Add the announcement class, which you’ll use to store the data available from the SharePoint List. Create an interface for the announcement (IAnnouncement) and an array of announcements (IAnnouncements), as shown below. Create a separate typescript file “Announcement.ts” as also shown below.

export interface IAnnouncements{  
   value: IAnnouncement[];  
 export interface IAnnouncement{  

Now, create two classes MockServiceProvider and SharedServiceProvider.

MockServiceProvider—This fetches the mock data for the local workbench.

SharedServiceProvider—This fetches the data from the SharePoint List for the SharePoint workbench.


import { ISharedServiceProvider } from './ISharedServiceProvider';  
 import { IAnnouncement, IAnnouncements } from "../announcement/Announcements";  
 export class MockServiceProvider implements ISharedServiceProvider {  
   constructor() {  
   private static mockAnnouncements: IAnnouncement[] = [  
     { Title: 'Announcment #1', Body: 'Some Announcment description 1', Id: '1' },  
     { Title: 'Announcment #2', Body: 'Some Announcment description 2', Id: '2' },  
     { Title: 'Announcment #3', Body: 'Some Announcment description 3', Id: '3' }  
   public getAnnouncements(): Promise {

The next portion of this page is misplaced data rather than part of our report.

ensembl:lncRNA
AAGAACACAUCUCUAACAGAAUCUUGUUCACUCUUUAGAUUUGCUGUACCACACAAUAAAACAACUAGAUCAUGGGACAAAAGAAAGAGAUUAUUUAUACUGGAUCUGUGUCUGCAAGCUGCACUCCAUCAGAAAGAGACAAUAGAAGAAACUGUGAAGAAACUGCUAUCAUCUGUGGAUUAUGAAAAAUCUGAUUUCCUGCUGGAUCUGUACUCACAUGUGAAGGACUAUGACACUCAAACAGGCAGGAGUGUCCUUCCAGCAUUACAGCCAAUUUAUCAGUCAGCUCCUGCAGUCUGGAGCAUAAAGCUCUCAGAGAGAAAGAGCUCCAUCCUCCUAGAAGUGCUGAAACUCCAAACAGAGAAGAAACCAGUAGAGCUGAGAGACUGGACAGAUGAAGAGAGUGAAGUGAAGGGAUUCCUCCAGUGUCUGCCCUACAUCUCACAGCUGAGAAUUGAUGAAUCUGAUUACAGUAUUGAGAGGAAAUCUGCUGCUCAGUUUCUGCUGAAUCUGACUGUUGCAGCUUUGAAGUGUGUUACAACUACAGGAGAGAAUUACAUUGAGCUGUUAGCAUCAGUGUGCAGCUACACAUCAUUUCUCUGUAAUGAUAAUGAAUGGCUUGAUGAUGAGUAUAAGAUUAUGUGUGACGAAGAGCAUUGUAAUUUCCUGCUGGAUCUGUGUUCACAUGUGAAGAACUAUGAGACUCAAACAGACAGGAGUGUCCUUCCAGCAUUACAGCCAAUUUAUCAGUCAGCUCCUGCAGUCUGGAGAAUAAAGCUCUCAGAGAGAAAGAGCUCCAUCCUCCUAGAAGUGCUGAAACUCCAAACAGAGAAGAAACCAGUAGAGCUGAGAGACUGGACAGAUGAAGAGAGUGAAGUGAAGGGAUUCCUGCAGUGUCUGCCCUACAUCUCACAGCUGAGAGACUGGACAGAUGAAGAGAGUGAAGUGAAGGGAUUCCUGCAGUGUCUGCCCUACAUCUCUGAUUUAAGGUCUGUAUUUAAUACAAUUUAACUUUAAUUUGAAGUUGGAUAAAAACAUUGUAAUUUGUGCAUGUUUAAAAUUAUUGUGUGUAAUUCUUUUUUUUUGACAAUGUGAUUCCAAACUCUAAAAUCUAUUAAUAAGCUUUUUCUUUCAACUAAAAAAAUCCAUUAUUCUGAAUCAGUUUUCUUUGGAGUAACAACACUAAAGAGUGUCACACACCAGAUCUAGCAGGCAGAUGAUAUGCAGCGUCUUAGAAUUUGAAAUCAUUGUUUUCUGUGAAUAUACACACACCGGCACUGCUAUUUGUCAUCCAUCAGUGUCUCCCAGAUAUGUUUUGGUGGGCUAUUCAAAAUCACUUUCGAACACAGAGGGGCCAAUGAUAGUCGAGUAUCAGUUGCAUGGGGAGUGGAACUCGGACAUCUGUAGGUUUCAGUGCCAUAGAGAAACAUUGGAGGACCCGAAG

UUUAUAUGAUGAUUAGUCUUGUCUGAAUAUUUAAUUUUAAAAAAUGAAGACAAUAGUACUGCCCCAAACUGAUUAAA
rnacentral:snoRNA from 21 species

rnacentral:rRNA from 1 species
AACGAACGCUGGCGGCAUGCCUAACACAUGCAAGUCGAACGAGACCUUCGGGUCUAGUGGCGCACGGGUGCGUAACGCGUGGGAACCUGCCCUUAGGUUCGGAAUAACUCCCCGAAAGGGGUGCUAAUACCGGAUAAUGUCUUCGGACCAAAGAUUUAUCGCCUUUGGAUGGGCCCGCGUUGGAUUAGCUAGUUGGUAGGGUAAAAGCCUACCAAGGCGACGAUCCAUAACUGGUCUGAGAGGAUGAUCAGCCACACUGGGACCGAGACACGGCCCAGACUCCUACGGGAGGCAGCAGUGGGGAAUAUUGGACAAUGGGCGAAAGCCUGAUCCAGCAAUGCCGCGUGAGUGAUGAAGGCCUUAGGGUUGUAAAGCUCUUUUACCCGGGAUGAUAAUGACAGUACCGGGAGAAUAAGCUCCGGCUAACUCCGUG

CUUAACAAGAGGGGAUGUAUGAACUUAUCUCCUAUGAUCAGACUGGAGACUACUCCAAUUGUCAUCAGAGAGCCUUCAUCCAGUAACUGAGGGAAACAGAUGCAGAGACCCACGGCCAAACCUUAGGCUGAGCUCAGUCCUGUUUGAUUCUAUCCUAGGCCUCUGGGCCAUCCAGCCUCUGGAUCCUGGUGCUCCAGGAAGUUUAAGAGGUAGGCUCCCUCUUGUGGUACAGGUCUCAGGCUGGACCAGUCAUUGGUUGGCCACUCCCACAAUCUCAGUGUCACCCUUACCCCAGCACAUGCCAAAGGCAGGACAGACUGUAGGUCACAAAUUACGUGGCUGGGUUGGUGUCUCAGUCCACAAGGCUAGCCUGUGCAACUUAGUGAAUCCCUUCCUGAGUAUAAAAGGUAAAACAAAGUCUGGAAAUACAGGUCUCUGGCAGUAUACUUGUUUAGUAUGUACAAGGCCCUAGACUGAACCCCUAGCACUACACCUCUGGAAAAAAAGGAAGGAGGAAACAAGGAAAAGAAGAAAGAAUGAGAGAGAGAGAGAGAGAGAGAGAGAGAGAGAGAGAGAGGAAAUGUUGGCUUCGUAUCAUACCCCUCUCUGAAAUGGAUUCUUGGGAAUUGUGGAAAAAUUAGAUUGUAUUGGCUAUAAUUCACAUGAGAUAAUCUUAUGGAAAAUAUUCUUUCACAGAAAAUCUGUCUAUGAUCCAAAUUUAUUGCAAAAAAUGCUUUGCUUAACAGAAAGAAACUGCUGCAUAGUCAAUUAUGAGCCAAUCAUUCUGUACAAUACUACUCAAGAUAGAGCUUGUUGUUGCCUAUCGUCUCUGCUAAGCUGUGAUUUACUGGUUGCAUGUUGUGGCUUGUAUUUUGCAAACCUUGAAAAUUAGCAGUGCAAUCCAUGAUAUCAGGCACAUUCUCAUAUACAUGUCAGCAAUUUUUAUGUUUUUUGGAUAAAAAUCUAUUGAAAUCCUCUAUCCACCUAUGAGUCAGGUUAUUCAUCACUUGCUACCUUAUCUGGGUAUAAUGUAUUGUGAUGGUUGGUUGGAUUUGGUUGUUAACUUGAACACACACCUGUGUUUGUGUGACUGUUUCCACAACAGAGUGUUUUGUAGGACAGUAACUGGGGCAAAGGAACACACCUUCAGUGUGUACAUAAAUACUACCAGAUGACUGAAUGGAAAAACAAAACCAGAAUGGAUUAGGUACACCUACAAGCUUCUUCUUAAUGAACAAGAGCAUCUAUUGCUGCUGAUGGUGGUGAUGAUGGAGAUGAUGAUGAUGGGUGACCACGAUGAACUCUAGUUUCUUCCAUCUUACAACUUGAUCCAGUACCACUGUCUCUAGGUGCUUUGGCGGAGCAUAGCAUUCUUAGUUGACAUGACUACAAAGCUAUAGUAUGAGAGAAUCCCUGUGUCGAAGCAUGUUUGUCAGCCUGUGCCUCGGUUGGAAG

var announcements: IAnnouncements = { value: MockServiceProvider.mockAnnouncements };  
     return new Promise((resolve) => {  


import { ISharedServiceProvider } from './ISharedServiceProvider';  
 import { IAnnouncements } from "../announcement/Announcements";  
 import { SPHttpClient, SPHttpClientResponse } from '@microsoft/sp-http';  
 import { ServiceKey, ServiceScope } from '@microsoft/sp-core-library';  
 import { PageContext } from '@microsoft/sp-page-context';  
 export class SharedServiceProvider implements ISharedServiceProvider {  
   public static readonly serviceKey: ServiceKey = ServiceKey.create('dps:ISharedServiceProvider', SharedServiceProvider);  
   private _spHttpClient: SPHttpClient;  
   private _pageContext: PageContext;  
   private _currentWebUrl: string;  
   constructor(serviceScope: ServiceScope) {  
     serviceScope.whenFinished(() => {  
       this._spHttpClient = serviceScope.consume(SPHttpClient.serviceKey);  
       this._pageContext = serviceScope.consume(PageContext.serviceKey);